Dutch court orders state to slash greenhouse emissions
A Dutch court on Wednesday ordered the state to slash greenhouse gas emissions nationwide by at least 25 percent by 2020, in a case that could serve as a blueprint for activists around the world.
Climate experts called the ruling a “milestone,” saying it would encourage concerned citizens in other countries to take their own governments to court to force them to cut the gases blamed for global warming.
“The court orders the State to reduce the overall volume of green- house gas emissions in such a way that they are at least 25 percent less in 2020 compared to 1990,” judge Hans Hofhuis said as the courtroom erupted in cheers and applause.
The ruling by The Hague’s District Court came after almost 900 Dutch citizens took their government to court in April in a bid to force a reduction of greenhouse gas emissions to tackle climate change.
Environmental rights group Urgenda, which brought the case, had said it wanted The Hague to reduce greenhouse gas emissions by 40 percent over 1990 levels by 2020.
Current Dutch policy is to reduce emissions by 17 percent by 2020, less than the 25-40 percent international norm for industrialized nations, the court said.
“The parties agree that the severity and magnitude of climate change make it necessary to take measures to reduce greenhouse gas emissions,” the court said in its ruling.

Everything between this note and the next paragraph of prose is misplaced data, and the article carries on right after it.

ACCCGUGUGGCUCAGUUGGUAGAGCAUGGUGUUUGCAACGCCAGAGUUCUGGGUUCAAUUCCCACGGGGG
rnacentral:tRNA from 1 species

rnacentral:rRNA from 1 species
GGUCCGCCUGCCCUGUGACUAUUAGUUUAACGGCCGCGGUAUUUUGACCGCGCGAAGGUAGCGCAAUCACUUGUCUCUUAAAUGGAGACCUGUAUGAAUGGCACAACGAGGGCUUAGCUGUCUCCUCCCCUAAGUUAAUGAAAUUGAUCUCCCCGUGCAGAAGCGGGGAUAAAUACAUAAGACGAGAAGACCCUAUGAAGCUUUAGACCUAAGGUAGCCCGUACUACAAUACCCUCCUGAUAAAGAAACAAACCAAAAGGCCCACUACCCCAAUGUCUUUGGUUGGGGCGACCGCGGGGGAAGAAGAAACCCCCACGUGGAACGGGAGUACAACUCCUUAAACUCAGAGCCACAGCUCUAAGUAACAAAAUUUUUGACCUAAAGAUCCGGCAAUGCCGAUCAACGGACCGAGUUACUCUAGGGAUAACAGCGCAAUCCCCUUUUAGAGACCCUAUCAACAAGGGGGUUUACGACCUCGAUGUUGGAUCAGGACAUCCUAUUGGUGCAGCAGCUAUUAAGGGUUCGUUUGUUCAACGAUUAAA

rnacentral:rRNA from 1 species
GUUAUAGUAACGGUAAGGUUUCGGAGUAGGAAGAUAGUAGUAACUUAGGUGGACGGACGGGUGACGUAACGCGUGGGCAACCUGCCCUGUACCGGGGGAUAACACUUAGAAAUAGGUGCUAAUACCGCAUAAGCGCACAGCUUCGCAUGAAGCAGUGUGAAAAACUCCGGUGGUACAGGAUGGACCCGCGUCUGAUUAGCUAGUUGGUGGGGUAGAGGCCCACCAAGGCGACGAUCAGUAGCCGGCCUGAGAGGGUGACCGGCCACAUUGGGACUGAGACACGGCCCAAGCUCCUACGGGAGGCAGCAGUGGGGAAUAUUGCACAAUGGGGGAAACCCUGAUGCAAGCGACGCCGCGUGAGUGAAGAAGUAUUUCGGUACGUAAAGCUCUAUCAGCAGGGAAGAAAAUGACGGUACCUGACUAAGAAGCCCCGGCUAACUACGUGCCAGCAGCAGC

Effective control of Dutch emissions is “one of the State’s tasks,” it said, adding that the cost of the reductions would not be “unacceptably high.”
“This is a world first for us,” Urgenda head Marjan Minnesma told AFP at the court, expressing hopes that the precedent set by the Netherlands would be “followed by many across the world.”
“Millions of people who already experience climate change personally hope that we, the people responsible for the emissions and who have the means, will still make a timely intervention,” Minnesma said in a statement.
“These people, with this ruling in hand, can now bring their own cases,” she said.
Amsterdam-based Urgenda said the case was the first in Europe in which citizens attempted to hold the state responsible for its potentially devastating inaction on climate change, and the first in the world in which human rights were used as a legal basis to protect citizens against its effects.
“This judgment not only impacts me, but also my children and my grandchildren,” Urgenda worker Sharon Ceha, 54, told AFP at the court.
A spokesman for the Dutch environment ministry said he was examining the ruling, which can be appealed.